Plastic Packaging


What to do with Plastic Packaging

The Green Warriors are a group of our youngest students in Early Childhood 1 - 3 who are passionate and driven to improve our environment. The group noticed in September 2019 that the packed lunches they receive from the school's catering company, Passion Food, for their weekly forest trip had an unnecessary amount of plastic packaging. So, they decided to do something about it and asked the chef to stop using sandwich bags, cling film, tetra juice cartons and plastic water bottles. Now students bring their own reusable sandwich boxes and refillable water bottles for their school-provided lunches.

On the back of this initiative to reduce lunch waste, ISB has launched an educational campaign to raise awareness among our school community about plastics. This has resulted in a cost saving of CHF 860.30! The Green Warriors, with the support of Passion Food and the Junior School principal, decided to invest this money in providing each family at the Aesch Campus a Sammelsack to facilitate finding an alternative for plastic packaging in households.

The Green Warriors joined forces with the Eco-Council (Grades 1 - 5) and Environmental Society (Grades 8 - 12) to teach the ISB community about plastics and the Sammelsack plastic packaging recycling programme. To achieve this objective, they have created a video and an infographic to help explain the Sammelsack programme. 

Sammelsack Initiative

Our student groups driving Sustainability @ISB joined forces to produce a video to explain how to properly use Sammelsacks.


What Goes in a Sammelsack?

  • Basically all plastic food packaging. 
  • Tetrapacks (composite drinks cartons)

  • Wrappers of all kinds: shopping bags, magazine, six-pack, and vacuum or stretched wrapping.
  • Thermofoamed trays: egg, biscuits packaging, fruit, fruit and meat trays.
  • Packaging made of composite materials: potato chips, peanuts, coffee beans, beverage bags e.g. Capri Sun.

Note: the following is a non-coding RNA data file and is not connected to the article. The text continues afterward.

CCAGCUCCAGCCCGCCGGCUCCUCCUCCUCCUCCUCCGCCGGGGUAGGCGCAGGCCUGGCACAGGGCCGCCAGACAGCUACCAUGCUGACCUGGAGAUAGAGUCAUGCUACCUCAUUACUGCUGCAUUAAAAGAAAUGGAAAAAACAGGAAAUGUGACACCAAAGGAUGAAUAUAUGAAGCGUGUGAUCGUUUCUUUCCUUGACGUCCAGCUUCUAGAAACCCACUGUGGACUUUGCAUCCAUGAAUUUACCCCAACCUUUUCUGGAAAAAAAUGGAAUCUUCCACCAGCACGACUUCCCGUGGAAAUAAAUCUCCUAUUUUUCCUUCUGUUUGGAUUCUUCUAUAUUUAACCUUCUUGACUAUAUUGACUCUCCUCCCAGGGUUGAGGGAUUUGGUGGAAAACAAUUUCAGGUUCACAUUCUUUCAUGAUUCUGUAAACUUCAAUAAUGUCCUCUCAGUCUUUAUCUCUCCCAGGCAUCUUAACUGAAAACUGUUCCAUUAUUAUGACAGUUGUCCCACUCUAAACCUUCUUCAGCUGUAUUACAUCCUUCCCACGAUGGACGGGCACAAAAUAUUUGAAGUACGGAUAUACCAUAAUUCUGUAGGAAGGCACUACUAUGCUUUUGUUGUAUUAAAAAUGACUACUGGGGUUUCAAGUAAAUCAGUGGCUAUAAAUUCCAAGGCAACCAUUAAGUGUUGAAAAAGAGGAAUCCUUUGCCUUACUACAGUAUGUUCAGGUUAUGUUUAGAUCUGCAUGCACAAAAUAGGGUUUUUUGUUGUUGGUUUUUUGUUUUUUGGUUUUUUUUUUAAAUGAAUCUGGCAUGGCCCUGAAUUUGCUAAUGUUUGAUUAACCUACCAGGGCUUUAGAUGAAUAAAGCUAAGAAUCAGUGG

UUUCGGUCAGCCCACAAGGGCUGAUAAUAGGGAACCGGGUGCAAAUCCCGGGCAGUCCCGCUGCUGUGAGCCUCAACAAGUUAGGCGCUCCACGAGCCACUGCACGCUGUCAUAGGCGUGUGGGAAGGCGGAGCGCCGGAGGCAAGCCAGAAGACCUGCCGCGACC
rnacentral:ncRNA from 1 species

• Buckets, kettles, basins, flower pots, transport and food storage boxes, cosmetic jars, tubes,shower products, soap dispensers
  • Non-beverage PET bottles: Various containers, Milk, Oil, Food packaging, vinegar bottles.
  • All plastic bottles (except PET beverage bottles like water or soft drinks): Milk, Oil, Vinegar, Shampoo, Detergents/Cleaning agents, Fabric softener
  • PET plastic containers: Food packaging (e.g. those used for strawberries and grapes), vinegar bottles, shampoo bottles, etc.

Source: Adaptation and translation from official Sammelsack leaflet (in German)


Click the link below to be directed to a location finder which will help display recycling points in and out of the Greater Basel region.

Recycling Points Location Finder

Switzerland Plastic Facts

  • Switzerland has the highest rate of plastic consumption, 125 kilos/capita/year - the highest of any European country. (1)

    • 78% of this is disposed of as waste (single-use), of which only 10% gets recycled.

(1) Swiss Federal Office for the Environment. FOEN

What Does Not Go in a Sammelsack?

  • PET soft drink bottles, Bottle corks, DVDs, Print toner, Coffee capsules, Styrofoam (Sagex).
  • Regular household waste i.e. Disposable tableware, tablet blisters, toothbrushes, coffee pods, tea bags, rubber items, bicycle tubes, inflatable boats, inflatable paddling pools, film cassettes, photos, cigarette butts, toys, garden hoses.
  • Heavily soiled packaging of grilled goods with marinade, packaging containing waste

Source: Adaptation and translation from official Sammelsack leaflet (in German)

Important Tips for Sammelsack Collection

  • Around 20% packaging is composed of different types of plastic (i.e. cheese and meat packaging).

  • When materials are combined, such as plastic with paper, aluminum or glass, dispose of the individual components separately, e.g. Remove cardboard wrapping and aluminum lid from yogurt cup.

  • Waste does not have to be washed, spooned or broom clean is sufficient!

Worldwide Plastic Facts

  • 13 million tonnes of plastic leak into our oceans every year, harming biodiversity, economies and, potentially, human' health (1)
  • Between the early 1950s and 2015, humans generated about 8.3 billion metric tons of plastic. Most of this now resides in landfills or the natural environment (such as lakes and forests). (2)
    • 76% of this amount (6.3 billion tons) has become waste out of which only 9% was recycled and 12% incinerated. (2)
    • The remaining 79% of total waste from plastic production resides in landfills or the natural environment (such as lakes and forests). (2)
  • The graphic below shows just how heavy 8.3 billion metric tonnes is:

(1) The State of Plastics World Environment Day Outlook 2018, UNEP

(2) Science Advanced Vol 3 No. 7, July 2017, "Production, use, and fate of all plastics ever made" Roland Geyer (U. of California Santa Barbara), Jenna R. Jambeck (University of Georgia), Kara Lavender Law (Sea Education Association